Statement of purpose is an important part of the application that is submitted by students to US varsities for joining various graduate and postgraduate courses. As we explained in one of our recent articles in this series, applicants are required to submit a written statement of purpose (SOP) or personal statement as part of the Ph D admissions process at most US universities.
In a personal statement, a student is expected to address following questions:
• Who are you? What is your background?
• What are your short-term and long-term goals for your research career?
• What factors contributed to your interest in your chosen field of study?
• Why do you want to pursue the Ph D programme at that particular department/ university?
• How do you plan to use the degree to achieve your research and career goals?
Your statement of purpose allows the admissions committee to assess your research capabilities, long term research/ career goals, and reasons you chose your field of study. The committee also takes note of how you may contribute to the research agenda of the department, college, and/or university. Beyond the standardised test scores, academic grades, and the resume, the statement of purpose gives an insight into you and your motivations that is not possible in the numbers that make up the rest of the application.
In addition to the understanding your research profile, your personal statement also allows the review committee to assess your writing skills, academic ability, organisational skills, and purpose in applying to the Ph D programme at the department. The reviewers look for strong writing skills as well as a demonstration of academic and research acumen.
The committee reviews the SOP with an eye for why they should accept one particular student over other students. Hence, the statement of purpose is a critical part of your Ph D application.
Next week we will share some tips for writing a good SOP with our readers.
– Monika Setia (Regional Officer and EducationUSA Adviser at US – India Educational Foundation, based at the US Consulate General Hyderabad)
Q1. We want to send our son to US for his higher studies after Class XII. What is your recommendation on community colleges? – Nikhil Lamba
A: Community College is a great cost-saving option for international students. However, community colleges usually offer a two-year Associates Degree. If a four-year bachelor’s degree is the goal, identifying a community college that have “articulation agreements” with four-year institutions is a wise choice. Articulation agreements usually mean that the community college has an agreement with a four-year university so that the majority of the community college coursework is applicable towards a bachelor’s degree at a four-year university. Ultimately, a student could complete two years at community college at a lower cost and then transfer to complete the remaining two years for a full bachelor’s degree (otherwise known as a 2+2 programme).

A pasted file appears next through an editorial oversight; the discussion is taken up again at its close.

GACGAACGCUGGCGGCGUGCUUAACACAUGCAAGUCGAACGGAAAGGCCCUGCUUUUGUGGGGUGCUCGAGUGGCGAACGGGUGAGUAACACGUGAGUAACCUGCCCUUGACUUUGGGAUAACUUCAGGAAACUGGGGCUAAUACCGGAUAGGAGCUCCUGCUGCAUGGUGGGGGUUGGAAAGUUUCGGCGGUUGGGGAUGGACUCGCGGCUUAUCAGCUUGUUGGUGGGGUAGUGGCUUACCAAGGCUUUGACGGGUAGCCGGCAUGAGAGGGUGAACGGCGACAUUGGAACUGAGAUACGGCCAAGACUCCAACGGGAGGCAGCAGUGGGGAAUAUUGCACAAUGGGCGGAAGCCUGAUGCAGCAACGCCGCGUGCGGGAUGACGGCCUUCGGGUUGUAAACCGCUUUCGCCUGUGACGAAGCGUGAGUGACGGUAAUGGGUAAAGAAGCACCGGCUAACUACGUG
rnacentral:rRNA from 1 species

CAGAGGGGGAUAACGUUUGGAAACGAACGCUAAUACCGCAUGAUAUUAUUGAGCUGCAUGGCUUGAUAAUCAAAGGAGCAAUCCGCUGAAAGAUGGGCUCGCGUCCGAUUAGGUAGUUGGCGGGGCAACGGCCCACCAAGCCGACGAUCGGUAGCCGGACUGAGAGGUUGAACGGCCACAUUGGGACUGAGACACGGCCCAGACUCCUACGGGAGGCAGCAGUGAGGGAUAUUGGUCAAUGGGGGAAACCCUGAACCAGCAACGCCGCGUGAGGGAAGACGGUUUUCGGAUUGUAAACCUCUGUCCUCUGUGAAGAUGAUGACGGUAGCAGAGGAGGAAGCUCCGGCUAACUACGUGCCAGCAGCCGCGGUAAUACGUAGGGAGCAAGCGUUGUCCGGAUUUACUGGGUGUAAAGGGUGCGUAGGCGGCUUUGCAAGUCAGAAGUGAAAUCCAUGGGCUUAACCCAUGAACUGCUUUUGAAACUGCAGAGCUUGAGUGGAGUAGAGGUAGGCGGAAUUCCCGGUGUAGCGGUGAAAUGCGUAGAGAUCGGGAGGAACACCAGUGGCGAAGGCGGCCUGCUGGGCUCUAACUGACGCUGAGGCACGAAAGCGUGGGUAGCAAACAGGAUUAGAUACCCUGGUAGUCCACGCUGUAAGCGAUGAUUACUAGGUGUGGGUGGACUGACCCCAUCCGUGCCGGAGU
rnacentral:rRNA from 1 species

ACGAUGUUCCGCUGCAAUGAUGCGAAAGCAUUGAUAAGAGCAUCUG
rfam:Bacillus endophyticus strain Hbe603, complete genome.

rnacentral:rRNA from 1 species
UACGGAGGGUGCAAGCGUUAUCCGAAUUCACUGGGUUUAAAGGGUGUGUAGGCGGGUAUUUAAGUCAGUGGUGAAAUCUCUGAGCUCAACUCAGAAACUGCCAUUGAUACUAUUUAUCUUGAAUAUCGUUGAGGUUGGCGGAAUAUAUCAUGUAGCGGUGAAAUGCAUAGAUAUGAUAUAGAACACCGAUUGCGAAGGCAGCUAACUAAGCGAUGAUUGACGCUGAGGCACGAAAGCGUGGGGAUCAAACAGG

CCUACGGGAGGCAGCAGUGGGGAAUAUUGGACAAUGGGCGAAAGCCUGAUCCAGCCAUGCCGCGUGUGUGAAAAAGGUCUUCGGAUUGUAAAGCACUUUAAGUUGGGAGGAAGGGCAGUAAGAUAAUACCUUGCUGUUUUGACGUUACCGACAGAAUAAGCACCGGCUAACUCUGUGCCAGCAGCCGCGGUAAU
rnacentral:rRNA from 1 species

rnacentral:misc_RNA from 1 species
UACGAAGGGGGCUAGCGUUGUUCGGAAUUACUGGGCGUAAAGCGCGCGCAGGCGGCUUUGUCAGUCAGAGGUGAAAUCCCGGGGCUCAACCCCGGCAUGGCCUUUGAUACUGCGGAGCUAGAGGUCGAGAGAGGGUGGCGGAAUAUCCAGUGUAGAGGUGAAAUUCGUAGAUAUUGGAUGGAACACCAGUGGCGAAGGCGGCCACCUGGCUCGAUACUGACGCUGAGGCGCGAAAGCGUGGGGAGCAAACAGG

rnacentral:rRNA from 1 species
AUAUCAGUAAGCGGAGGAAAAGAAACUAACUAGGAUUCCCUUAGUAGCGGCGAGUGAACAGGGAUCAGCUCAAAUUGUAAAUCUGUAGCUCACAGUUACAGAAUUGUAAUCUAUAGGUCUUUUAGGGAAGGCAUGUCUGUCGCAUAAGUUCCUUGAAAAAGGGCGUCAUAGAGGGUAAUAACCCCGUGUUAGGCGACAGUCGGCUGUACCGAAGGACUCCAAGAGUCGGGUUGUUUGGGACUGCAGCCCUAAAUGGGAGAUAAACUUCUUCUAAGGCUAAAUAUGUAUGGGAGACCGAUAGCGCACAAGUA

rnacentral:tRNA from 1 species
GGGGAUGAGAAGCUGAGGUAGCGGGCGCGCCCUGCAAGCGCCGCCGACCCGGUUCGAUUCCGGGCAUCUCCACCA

Community colleges operate on an “open” admissions policy. This means anyone who wishes to enroll and meets the minimum entry requirements can do so. Each institution will have its own set of admission requirements, but the minimum usually includes the following:
• Completed application form
• Proof of secondary school completion, usually 12 years of schooling
• Certification of English language proficiency – TOEFL or IELTS
• Evidence of financial support
The English language proficiency requirement is often lower for a community college than it is for a four-year institution. In addition, if your score is a little below the entry requirement, the community college may still admit you into its English as a Second Language (ESL) programme. Successful completion of all the prescribed ESL courses will open the door to the wider academic world of the community college.
There is a word of caution to keep in mind regarding community colleges. If the goal is not to pursue a bachelor’s degree after finishing the two-year study, it is important for students to think about how they plan to use their Associate degree, especially since the degree may not be accepted in India.
Q2. I am trying to shortlist universities for MS programmes in the US. Can you please explain the difference between public and private universities? – Mukund Sharma
A: State colleges and universities, also called public universities, are funded and subsidised by US State governments to provide low-cost education to residents of that State. These universities tend to be very large and generally admit a wider range of students than private universities. State university tuition costs are generally lower than those of private universities. International students, as well as those from other States, are considered out-of-State residents and therefore pay a higher tuition than residents of the State in which the institution is located (but the tuition still may be lower than that of private colleges and universities).
Private colleges and universities are funded by a combination of endowments, gifts from their alumni, research grants, and tuition fees. Tuition fees tend to be higher than State universities, but there is no distinction made between State and non-State residents. Private universities are usually smaller and can have religious affiliation or can be single-gender schools.
Every question has an answer. And ‘Destination USA’ will strive to provide the right answer to all those youngsters who dream of studying in the US.
Mail your questions and doubts to [email protected] to have subject matter experts answer them, right from the degree and programme of study you can pursue to what the application process entails, on universities, how to prepare resumes, financing your studies and even how it is like to live and study in the US, all are welcome.